Golf Ball Retrievers Help Eliminate Back Pain

Well, there is a tool that eliminates the constant need to bend over while playing — the golf ball retriever. The best golf ball retrievers allow you to only have to exert your arm and your hand to pick up golf balls — not your back. They typically run in the $15 range and can easily be ordered online or at many golf shops. Golf ball retrievers are usually extendable — they can extend from six feet to up to fifteen feet, ensuring that a stray golf ball is never outside your reach. They are conveniently foldable and easy to carry. Getting golf balls out of water holes or sand traps is a lot easier with a retriever. Read the rest of this entry →

5 Ways to Avoid Common Sports Injuries 0

Posted on October 17, 2017 by Dixie Somers

5 Ways to Avoid Common Sports InjuriesEngaging in sports provides the exercise the body needs, in an enjoyable manner that also fosters regular interaction with other people. These qualities explain why it is one of the most popular ways of staying fit and healthy. However, many sports include the risk of injury, usually from various sprains and strains that occur during play. You can prevent many of these injuries by taking proactive measures to protect your joints and muscles against overuse. Here are a few tips for staying injury-free and ready for play.

Do Warm-up Stretches

You can prevent common injuries, such as ankle sprains, back strains and groin pulls by doing a series of warm-up exercises that work your body sufficiently to improve blood flow that helps protect muscles. Stretches, jogging in place, knee bends and other gentle exercises help to prepare your body for a vigorous physical workout.

Provide Proper Support

If you have an ankle that tends to give out or a knee that sometimes fails, use an elastic brace or Rock tape to provide additional support. Proper bracing can help to avoid sprains and dislocations that can keep you out of the game for long periods of time. If you are engaged in a sport that poses a risk for tooth injuries, use a mouth guard to prevent damage to teeth that can result in the need for extensive dental work. A simple elbow to the mouth could result in something as serious as the need for a root canal. Read the rest of this entry →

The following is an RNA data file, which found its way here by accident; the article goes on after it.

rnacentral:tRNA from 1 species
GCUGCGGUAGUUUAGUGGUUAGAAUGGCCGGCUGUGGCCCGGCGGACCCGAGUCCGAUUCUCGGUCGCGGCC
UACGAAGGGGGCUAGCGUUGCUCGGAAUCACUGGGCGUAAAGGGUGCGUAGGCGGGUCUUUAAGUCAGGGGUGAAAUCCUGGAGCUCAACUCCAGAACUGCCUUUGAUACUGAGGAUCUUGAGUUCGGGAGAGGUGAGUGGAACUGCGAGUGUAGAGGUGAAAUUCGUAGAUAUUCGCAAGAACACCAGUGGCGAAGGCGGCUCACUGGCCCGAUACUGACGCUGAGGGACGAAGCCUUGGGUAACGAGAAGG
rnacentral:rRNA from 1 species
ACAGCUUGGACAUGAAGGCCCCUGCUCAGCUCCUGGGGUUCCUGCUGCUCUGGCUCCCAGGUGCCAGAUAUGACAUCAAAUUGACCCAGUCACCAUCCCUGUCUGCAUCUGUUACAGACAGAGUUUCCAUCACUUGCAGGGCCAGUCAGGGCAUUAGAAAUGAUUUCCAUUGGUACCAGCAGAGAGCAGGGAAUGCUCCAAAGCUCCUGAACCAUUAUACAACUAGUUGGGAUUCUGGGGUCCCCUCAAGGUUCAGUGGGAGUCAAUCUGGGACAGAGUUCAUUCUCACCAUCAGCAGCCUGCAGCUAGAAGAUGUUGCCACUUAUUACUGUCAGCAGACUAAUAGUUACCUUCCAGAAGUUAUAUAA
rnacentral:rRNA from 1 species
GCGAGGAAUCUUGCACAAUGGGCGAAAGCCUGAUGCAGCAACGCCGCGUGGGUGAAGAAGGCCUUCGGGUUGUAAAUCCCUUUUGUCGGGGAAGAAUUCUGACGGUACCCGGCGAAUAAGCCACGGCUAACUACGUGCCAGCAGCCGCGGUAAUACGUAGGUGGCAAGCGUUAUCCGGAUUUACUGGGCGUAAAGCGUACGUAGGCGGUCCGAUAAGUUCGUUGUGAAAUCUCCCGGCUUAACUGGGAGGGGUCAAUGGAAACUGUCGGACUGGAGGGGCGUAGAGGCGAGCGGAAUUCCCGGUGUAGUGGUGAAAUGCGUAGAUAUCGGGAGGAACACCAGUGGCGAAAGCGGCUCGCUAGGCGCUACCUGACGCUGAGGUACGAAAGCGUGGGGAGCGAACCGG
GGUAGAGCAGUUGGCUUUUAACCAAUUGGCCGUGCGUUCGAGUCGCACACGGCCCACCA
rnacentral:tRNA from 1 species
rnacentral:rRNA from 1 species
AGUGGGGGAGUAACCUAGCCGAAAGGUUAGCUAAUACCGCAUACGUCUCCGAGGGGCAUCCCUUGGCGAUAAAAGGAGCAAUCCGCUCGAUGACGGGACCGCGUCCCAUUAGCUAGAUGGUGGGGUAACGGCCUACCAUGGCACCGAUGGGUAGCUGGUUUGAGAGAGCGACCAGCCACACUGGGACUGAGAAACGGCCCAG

Waiting for the Weekend: Is the NFL Really in Trouble This Time? 3

Posted on July 29, 2017 by Dean Hybl
A recent study of the brains of former NFL players showed almost all had some level of brain trauma.

A recent study of the brains of former NFL players showed almost all had some level of brain trauma.

For the last year or more, it seems every time there is a negative story about the NFL, it prompts the obligatory question of whether that particular issue will be the proverbial “straw that broke the camel’s back” and signal the start of the decline for the financial and popularity juggernaut.

Whether it be declining television ratings, continued off-the-field incidents by players, the perception by many that the game isn’t as physical as in past, the abandonment of long-time NFL cities in St. Louis, San Diego and Oakland, the general unpopularity of Roger Goodell and the New England Patriots or a number of other “negative” stories or events, they all seem to just roll off the back of the NFL as overall revenues continue to increase to levels envied by most governments or for-profit businesses.

However, news that came out this week may over time be the one story that the NFL cannot easily shake.

A scientific study published this week in the medical journal JAMA looked at the brains of 202 deceased former high school, college and professional football players. Amongst those former players, 177, including 110 of the 111 former NFL players, were diagnosed as having CTE (Chronic Traumatic Encephalopathy).